On Feb. 1, Solana Labs announced the launch of Solana Pay in a joint collaboration Circle, Checkout.com, Citcon, Phantom, FTX, and Slope.
The announcement stated that the premise behind the new service is that the actual payment and its underlying technology “goes from being a necessary service utility to true peer-to-peer communication channel between the merchant and consumer.”
The app will allow users to send stablecoins such as USDC from their crypto wallets directly into a merchant’s account, where they are settled almost instantly with very low transaction fees.
The next phase of its development will enable the merchants to send crypto assets back to the consumers, “which will open up new capabilities in commerce not possible before,” according to Sheraz Shere, head of payments for Solana Labs.
Shere previously worked at American Express and Google, helping to launch Wallet and Google Pay.
Into The Payments World
Solana Pay is entering a crowded ecosystem of existing payments apps where tech giants Apple and Google currently dominate. There are also a number of other huge payments players such as PayPal, which is reportedly working on its own token, Venmo, Wise, Cash App, and Stripe.
Very few of these support cryptocurrencies natively, however, so Solana aims to bridge that gap while going beyond just paying with crypto. Shere elaborated:
“Merchants have been able to accept crypto currencies for years, but acceptance usually means settling in non-stable currencies, swapping out one intermediary for another, and duct-taping together square pegs and round holes.”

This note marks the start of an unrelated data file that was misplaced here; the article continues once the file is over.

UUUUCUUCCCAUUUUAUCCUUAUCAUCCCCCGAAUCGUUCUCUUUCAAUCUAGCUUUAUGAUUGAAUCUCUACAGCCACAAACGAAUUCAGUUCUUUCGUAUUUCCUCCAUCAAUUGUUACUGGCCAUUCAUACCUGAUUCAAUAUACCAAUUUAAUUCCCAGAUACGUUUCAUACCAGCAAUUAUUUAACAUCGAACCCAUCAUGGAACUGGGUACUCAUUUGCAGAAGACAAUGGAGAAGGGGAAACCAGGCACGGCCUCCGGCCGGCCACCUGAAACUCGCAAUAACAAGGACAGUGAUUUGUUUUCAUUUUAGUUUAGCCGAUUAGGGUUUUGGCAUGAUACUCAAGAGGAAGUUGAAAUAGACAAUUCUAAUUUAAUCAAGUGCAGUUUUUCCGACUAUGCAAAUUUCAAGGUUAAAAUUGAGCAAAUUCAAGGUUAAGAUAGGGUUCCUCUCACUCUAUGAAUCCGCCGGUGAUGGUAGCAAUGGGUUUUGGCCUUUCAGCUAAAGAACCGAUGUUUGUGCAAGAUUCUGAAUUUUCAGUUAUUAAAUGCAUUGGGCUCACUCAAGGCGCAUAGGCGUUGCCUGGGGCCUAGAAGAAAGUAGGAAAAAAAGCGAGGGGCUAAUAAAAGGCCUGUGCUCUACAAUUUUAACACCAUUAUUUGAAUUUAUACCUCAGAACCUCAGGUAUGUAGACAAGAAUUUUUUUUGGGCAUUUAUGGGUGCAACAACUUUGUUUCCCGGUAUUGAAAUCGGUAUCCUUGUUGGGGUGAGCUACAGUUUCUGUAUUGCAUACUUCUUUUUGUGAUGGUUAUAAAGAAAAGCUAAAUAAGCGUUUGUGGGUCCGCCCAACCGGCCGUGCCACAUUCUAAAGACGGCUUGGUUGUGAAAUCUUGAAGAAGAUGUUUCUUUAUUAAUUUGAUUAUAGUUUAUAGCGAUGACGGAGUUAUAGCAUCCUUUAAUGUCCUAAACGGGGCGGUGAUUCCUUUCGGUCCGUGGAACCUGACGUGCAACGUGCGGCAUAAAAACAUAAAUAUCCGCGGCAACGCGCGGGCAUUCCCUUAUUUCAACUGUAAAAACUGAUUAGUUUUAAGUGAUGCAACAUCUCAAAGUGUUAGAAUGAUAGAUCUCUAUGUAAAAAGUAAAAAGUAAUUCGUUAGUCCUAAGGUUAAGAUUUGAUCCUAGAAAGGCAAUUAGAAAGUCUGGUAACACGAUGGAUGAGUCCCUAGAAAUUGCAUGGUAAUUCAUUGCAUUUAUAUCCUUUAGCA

He added that merchants should also benefit from the advantages of decentralized crypto payments such as “network cost savings, DeFi yield generation, zero fraud liability, instant settlement, and ownership of the customer relationship.”
Solana Pay will operate primarily with USDC but will also enable other network-related crypto assets such as SOL, FTT, SRM. SOL prices have gained 4% on the day to reach $110 at the time of writing, however, the asset was still trading down 58% from its Nov. 6 all-time high.
Solana Performance Woes
Solana has often been dubbed an “Ethereum killer” due to its higher throughput, but it has also suffered a number of network outages recently which makes this moniker highly questionable.
In late January, the network suffered a 48-hour outage caused by arbitrage bots spamming the system. This followed a DDOS attack which knocked it out earlier in the same month. Solana also went down in September and December last year due to similar overloading issues so maybe it isn’t quite ready to “kill Ethereum” just yet.